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Sunday, 26 July 2015
Reality Check - Oil and Energy Shortages Behind Global Finance Woes, & More
We all know one thing that Greece, Cyprus, and Puerto Rico have in common–severe financial problems. There is something else that they have in common–a high proportion of their energy use is from oil. Figure 1 shows the ratio of oil use to energy use for selected European countries in 2006.
Greece and Cyprus are at the bottom of this chart. The other “PIIGS” countries (Ireland, Spain, Italy, and Portugal) are immediately above Greece. Puerto Rico is not European so is not on Figure 1, but it if were shown on this chart, it would appear between Greece and Cyprus–its oil as a percentage of its energy consumption was 98.4% in 2006. The year 2006 was chosen because it was before the big crash of 2008. The percentages are bit lower now, but the relationship is very similar now.
Billionaire investor Carl Icahn spoke with FOX Business Network’s (FBN) Neil Cavuto and Trish Regan about the economy, saying “I believe that there really is a bubble brewing.” He went on to say that we are in “unchartered territory,” with historically low interest rates, and “a market that’s going up artificially,” which “could be very destructive to our markets and our economy.” When asked about what the Federal Reserve should do, Icahn said, “stop worrying what the markets will do,” and “start raising rates right now.” He went on to say that the “Fed is really pandering to a lot of these guys on Wall Street that they really shouldn’t be pandering to.” Regarding whether he’d take the role of Treasury Secretary, as Donald Trump suggested,” Icahn said, “I guess I would not. I sleep too late.”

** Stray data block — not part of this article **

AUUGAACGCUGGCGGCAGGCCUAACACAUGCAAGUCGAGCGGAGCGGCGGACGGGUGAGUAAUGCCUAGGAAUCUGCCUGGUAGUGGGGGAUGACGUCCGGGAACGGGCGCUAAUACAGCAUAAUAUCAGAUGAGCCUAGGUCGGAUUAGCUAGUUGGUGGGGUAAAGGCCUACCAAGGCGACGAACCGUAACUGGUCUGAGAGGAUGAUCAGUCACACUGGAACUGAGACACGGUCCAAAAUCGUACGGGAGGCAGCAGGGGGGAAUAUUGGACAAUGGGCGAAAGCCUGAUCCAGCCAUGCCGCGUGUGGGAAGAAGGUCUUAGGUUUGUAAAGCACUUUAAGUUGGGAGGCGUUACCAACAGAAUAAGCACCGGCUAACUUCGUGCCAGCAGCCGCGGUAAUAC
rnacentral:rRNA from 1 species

Two days of high-stakes negotiations between the finance ministers of the currency bloc resulted in a four-page document that included controversial German elements leaked on Saturday. Those measures included Greece leaving the euro temporarily by taking a “time-out” from the currency bloc if it refuses terms for talks on the new bailout or, in the event of agreement, that Greece sets aside €50bn worth of assets as collateral for new loans and for eventual privatisation. Both passages, however, did not enjoy a consensus among eurozone leaders.
What is not an illusion is the extreme trouble many EU countries are in. Besides Greece, Spain and Italy are deep in debt. Smith contends, “Spain’s debt is a trillion euros. Italy is over a trillion euros in debt. We are talking fairly serious money here.”
China’s market is also shaped by the heavy hand of the government, which makes decisions about what companies can list shares, when to promote stock rallies and, now, how to intervene when prices plummet. The government, in other words, views the market as a policy instrument, a mechanism to fulfill its political and economic goals. The result can be a volatile market that swings from boom to bust.
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